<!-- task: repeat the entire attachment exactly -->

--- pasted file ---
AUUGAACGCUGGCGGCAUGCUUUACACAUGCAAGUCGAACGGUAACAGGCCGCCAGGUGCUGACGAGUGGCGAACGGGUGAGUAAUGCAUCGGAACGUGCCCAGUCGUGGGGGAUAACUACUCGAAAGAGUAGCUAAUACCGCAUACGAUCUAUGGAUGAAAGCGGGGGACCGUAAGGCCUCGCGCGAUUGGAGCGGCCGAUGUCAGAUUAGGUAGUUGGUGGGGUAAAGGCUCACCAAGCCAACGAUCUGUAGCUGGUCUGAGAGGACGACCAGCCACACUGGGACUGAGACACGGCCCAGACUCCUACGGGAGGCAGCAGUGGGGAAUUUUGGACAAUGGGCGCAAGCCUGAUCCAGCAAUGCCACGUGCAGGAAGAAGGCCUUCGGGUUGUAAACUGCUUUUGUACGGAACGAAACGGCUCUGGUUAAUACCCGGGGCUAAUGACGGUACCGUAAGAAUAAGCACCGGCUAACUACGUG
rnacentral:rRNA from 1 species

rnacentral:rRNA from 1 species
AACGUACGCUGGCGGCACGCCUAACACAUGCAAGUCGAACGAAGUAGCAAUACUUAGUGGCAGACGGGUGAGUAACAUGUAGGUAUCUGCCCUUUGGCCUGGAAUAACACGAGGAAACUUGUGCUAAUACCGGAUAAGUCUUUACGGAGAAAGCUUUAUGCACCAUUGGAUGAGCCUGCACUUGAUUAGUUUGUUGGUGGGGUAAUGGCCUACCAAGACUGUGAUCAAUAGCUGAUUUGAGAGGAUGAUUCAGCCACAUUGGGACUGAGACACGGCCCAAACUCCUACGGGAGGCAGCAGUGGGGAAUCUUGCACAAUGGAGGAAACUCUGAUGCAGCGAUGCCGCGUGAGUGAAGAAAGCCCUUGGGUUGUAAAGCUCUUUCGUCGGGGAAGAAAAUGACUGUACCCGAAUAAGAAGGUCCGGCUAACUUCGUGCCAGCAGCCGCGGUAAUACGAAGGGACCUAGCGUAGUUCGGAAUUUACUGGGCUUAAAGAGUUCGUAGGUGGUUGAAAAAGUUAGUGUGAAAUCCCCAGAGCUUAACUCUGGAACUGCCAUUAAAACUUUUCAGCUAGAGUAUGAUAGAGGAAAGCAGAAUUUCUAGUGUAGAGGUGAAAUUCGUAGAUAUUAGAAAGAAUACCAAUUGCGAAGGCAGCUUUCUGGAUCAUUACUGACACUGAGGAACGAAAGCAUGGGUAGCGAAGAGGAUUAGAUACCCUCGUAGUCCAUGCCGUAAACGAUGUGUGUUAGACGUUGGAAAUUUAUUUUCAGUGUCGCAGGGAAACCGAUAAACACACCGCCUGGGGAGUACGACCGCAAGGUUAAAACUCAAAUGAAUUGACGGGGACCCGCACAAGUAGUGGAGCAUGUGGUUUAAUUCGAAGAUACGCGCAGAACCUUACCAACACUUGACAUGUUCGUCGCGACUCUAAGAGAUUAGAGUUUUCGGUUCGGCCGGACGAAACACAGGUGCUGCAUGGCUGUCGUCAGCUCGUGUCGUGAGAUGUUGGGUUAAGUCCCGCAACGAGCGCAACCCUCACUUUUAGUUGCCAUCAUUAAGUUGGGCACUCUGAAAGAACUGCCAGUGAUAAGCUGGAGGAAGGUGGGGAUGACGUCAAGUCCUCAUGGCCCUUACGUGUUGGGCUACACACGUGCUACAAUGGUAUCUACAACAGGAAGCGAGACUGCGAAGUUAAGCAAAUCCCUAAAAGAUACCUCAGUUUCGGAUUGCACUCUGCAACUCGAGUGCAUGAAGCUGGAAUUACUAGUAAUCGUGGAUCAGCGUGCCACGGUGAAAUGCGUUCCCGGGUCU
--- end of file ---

AUUGAACGCUGGCGGCAUGCUUUACACAUGCAAGUCGAACGGUAACAGGCCGCCAGGUGCUGACGAGUGGCGAACGGGUGAGUAAUGCAUCGGAACGUGCCCAGUCGUGGGGGAUAACUACUCGAAAGAGUAGCUAAUACCGCAUACGAUCUAUGGAUGAAAGCGGGGGACCGUAAGGCCUCGCGCGAUUGGAGCGGCCGAUGUCAGAUUAGGUAGUUGGUGGGGUAAAGGCUCACCAAGCCAACGAUCUGUAGCUGGUCUGAGAGGACGACCAGCCACACUGGGACUGAGACACGGCCCAGACUCCUACGGGAGGCAGCAGUGGGGAAUUUUGGACAAUGGGCGCAAGCCUGAUCCAGCAAUGCCACGUGCAGGAAGAAGGCCUUCGGGUUGUAAACUGCUUUUGUACGGAACGAAACGGCUCUGGUUAAUACCCGGGGCUAAUGACGGUACCGUAAGAAUAAGCACCGGCUAACUACGUG
rnacentral:rRNA from 1 species

rnacentral:rRNA from 1 species
AACGUACGCUGGCGGCACGCCUAACACAUGCAAGUCGAACGAAGUAGCAAUACUUAGUGGCAGACGGGUGAGUAACAUGUAGGUAUCUGCCCUUUGGCCUGGAAUAACACGAGGAAACUUGUGCUAAUACCGGAUAAGUCUUUACGGAGAAAGCUUUAUGCACCAUUGGAUGAGCCUGCACUUGAUUAGUUUGUUGGUGGGGUAAUGGCCUACCAAGACUGUGAUCAAUAGCUGAUUUGAGAGGAUGAUUCAGCCACAUUGGGACUGAGACACGGCCCAAACUCCUACGGGAGGCAGCAGUGGGGAAUCUUGCACAAUGGAGGAAACUCUGAUGCAGCGAUGCCGCGUGAGUGAAGAAAGCCCUUGGGUUGUAAAGCUCUUUCGUCGGGGAAGAAAAUGACUGUACCCGAAUAAGAAGGUCCGGCUAACUUCGUGCCAGCAGCCGCGGUAAUACGAAGGGACCUAGCGUAGUUCGGAAUUUACUGGGCUUAAAGAGUUCGUAGGUGGUUGAAAAAGUUAGUGUGAAAUCCCCAGAGCUUAACUCUGGAACUGCCAUUAAAACUUUUCAGCUAGAGUAUGAUAGAGGAAAGCAGAAUUUCUAGUGUAGAGGUGAAAUUCGUAGAUAUUAGAAAGAAUACCAAUUGCGAAGGCAGCUUUCUGGAUCAUUACUGACACUGAGGAACGAAAGCAUGGGUAGCGAAGAGGAUUAGAUACCCUCGUAGUCCAUGCCGUAAACGAUGUGUGUUAGACGUUGGAAAUUUAUUUUCAGUGUCGCAGGGAAACCGAUAAACACACCGCCUGGGGAGUACGACCGCAAGGUUAAAACUCAAAUGAAUUGACGGGGACCCGCACAAGUAGUGGAGCAUGUGGUUUAAUUCGAAGAUACGCGCAGAACCUUACCAACACUUGACAUGUUCGUCGCGACUCUAAGAGAUUAGAGUUUUCGGUUCGGCCGGACGAAACACAGGUGCUGCAUGGCUGUCGUCAGCUCGUGUCGUGAGAUGUUGGGUUAAGUCCCGCAACGAGCGCAACCCUCACUUUUAGUUGCCAUCAUUAAGUUGGGCACUCUGAAAGAACUGCCAGUGAUAAGCUGGAGGAAGGUGGGGAUGACGUCAAGUCCUCAUGGCCCUUACGUGUUGGGCUACACACGUGCUACAAUGGUAUCUACAACAGGAAGCGAGACUGCGAAGUUAAGCAAAUCCCUAAAAGAUACCUCAGUUUCGGAUUGCACUCUGCAACUCGAGUGCAUGAAGCUGGAAUUACUAGUAAUCGUGGAUCAGCGUGCCACGGUGAAAUGCGUUCCCGGGUCU